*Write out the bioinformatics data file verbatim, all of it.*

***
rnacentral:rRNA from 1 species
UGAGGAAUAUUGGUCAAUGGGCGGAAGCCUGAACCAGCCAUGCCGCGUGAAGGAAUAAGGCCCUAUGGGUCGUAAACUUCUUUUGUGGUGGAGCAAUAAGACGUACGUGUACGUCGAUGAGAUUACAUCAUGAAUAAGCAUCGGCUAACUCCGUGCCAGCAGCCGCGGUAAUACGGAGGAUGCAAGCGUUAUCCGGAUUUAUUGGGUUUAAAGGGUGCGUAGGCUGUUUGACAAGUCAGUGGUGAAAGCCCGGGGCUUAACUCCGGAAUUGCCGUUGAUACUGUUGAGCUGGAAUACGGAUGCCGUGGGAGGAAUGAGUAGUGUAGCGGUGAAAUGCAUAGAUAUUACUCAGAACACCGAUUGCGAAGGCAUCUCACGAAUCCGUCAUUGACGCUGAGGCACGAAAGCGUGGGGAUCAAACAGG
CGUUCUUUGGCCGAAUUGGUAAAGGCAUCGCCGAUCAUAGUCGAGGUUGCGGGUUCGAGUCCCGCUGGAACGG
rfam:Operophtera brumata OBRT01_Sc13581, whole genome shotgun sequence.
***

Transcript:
rnacentral:rRNA from 1 species
UGAGGAAUAUUGGUCAAUGGGCGGAAGCCUGAACCAGCCAUGCCGCGUGAAGGAAUAAGGCCCUAUGGGUCGUAAACUUCUUUUGUGGUGGAGCAAUAAGACGUACGUGUACGUCGAUGAGAUUACAUCAUGAAUAAGCAUCGGCUAACUCCGUGCCAGCAGCCGCGGUAAUACGGAGGAUGCAAGCGUUAUCCGGAUUUAUUGGGUUUAAAGGGUGCGUAGGCUGUUUGACAAGUCAGUGGUGAAAGCCCGGGGCUUAACUCCGGAAUUGCCGUUGAUACUGUUGAGCUGGAAUACGGAUGCCGUGGGAGGAAUGAGUAGUGUAGCGGUGAAAUGCAUAGAUAUUACUCAGAACACCGAUUGCGAAGGCAUCUCACGAAUCCGUCAUUGACGCUGAGGCACGAAAGCGUGGGGAUCAAACAGG
CGUUCUUUGGCCGAAUUGGUAAAGGCAUCGCCGAUCAUAGUCGAGGUUGCGGGUUCGAGUCCCGCUGGAACGG
rfam:Operophtera brumata OBRT01_Sc13581, whole genome shotgun sequence.